Scientists found gigantic cracks on the mantle under the Tibetan Plateau. The unprecedented glimpse of the sub-surface region explains the strange regions that earthquakes have been hitting in Tibet.
This new layer of tectonic plates could be behind a mysterious set of earthquakes in the Pacific.
There may be a need to study the center of the Earth to settle once and for all if the Earth's core is 100 degrees hotter than previously thought. A recent study suggests that the mantle is indeed hotter and it may greatly affect Earth sciences.
The world’s biggest diamonds are by far the most prized and most valuable of gemstones. Coincidentally, these rare and large diamonds also hold valuable scientific data that could reveal detailed information about the earth according to diamond geologist of the Gemological Institute of America, Even Smith.
Do "aliens" exist on Earth? In a way, experts think so, and they believe that these creatures can be found thriving in massive underground oceans hidden hundreds of miles beneath the Earth's surface.
Scientists discovered a mineral far below the Earth’s surface that could be able to store water farther down the Earth’s mantle.
A team of international scientists has discovered a new way to produce images of Earth’s interior. The new method could provide a new understanding of the Earth’s crust and help in studying interiors of other celestial bodies.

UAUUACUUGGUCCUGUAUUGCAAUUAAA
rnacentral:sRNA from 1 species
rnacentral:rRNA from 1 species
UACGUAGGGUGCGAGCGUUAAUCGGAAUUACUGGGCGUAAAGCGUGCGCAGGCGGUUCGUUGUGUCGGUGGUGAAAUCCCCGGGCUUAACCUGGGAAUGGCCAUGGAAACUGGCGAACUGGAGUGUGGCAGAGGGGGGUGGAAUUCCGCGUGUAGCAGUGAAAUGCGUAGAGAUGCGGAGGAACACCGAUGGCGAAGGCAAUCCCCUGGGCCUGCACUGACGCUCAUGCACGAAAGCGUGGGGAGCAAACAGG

A new study suggests that the Earth and other planetary objects formed in the early years of the solar system have the same chemical origins.
Recent studies found that magnesium peroxide may be abundant in extremely oxidized mantles and cores of rocky planets outside our solar system.
Helium leakage is taking place in a 30-mile stretch of the Los Angeles Basin, say researchers.
During the violent beginnings of early Earth some 4.6 billion years ago, it seems that weathermen could have forecast iron rain - storms that supposedly led to the formation of the Earth's core and even the Moon, according to a new study.
Scientists have long wondered how our planet came to be covered 70 percent by ocean, and now a new study has found that Earth may have made its own water from within.
The source of volcanic eruptions seems to be closer to the surface than previously thought, according to a new study that challenges the conventional view of how these phenomena occur.